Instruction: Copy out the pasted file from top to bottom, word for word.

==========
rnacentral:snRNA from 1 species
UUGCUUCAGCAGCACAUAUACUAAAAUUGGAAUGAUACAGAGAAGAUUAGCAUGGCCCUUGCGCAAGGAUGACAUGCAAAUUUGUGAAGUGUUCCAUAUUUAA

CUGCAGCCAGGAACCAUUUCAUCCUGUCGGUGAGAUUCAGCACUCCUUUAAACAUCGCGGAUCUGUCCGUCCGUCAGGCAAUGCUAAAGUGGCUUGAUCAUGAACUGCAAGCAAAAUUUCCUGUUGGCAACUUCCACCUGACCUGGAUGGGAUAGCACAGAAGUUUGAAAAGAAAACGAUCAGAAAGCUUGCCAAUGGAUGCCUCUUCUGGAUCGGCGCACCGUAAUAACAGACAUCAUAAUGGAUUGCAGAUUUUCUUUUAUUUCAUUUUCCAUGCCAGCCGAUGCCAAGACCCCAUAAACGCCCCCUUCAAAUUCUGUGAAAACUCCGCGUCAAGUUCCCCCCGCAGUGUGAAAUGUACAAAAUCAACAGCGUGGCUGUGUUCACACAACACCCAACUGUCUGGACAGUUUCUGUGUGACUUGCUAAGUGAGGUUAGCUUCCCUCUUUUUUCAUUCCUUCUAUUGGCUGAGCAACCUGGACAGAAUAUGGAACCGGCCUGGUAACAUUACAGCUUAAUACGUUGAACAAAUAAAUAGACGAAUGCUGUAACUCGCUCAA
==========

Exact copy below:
rnacentral:snRNA from 1 species
UUGCUUCAGCAGCACAUAUACUAAAAUUGGAAUGAUACAGAGAAGAUUAGCAUGGCCCUUGCGCAAGGAUGACAUGCAAAUUUGUGAAGUGUUCCAUAUUUAA

CUGCAGCCAGGAACCAUUUCAUCCUGUCGGUGAGAUUCAGCACUCCUUUAAACAUCGCGGAUCUGUCCGUCCGUCAGGCAAUGCUAAAGUGGCUUGAUCAUGAACUGCAAGCAAAAUUUCCUGUUGGCAACUUCCACCUGACCUGGAUGGGAUAGCACAGAAGUUUGAAAAGAAAACGAUCAGAAAGCUUGCCAAUGGAUGCCUCUUCUGGAUCGGCGCACCGUAAUAACAGACAUCAUAAUGGAUUGCAGAUUUUCUUUUAUUUCAUUUUCCAUGCCAGCCGAUGCCAAGACCCCAUAAACGCCCCCUUCAAAUUCUGUGAAAACUCCGCGUCAAGUUCCCCCCGCAGUGUGAAAUGUACAAAAUCAACAGCGUGGCUGUGUUCACACAACACCCAACUGUCUGGACAGUUUCUGUGUGACUUGCUAAGUGAGGUUAGCUUCCCUCUUUUUUCAUUCCUUCUAUUGGCUGAGCAACCUGGACAGAAUAUGGAACCGGCCUGGUAACAUUACAGCUUAAUACGUUGAACAAAUAAAUAGACGAAUGCUGUAACUCGCUCAA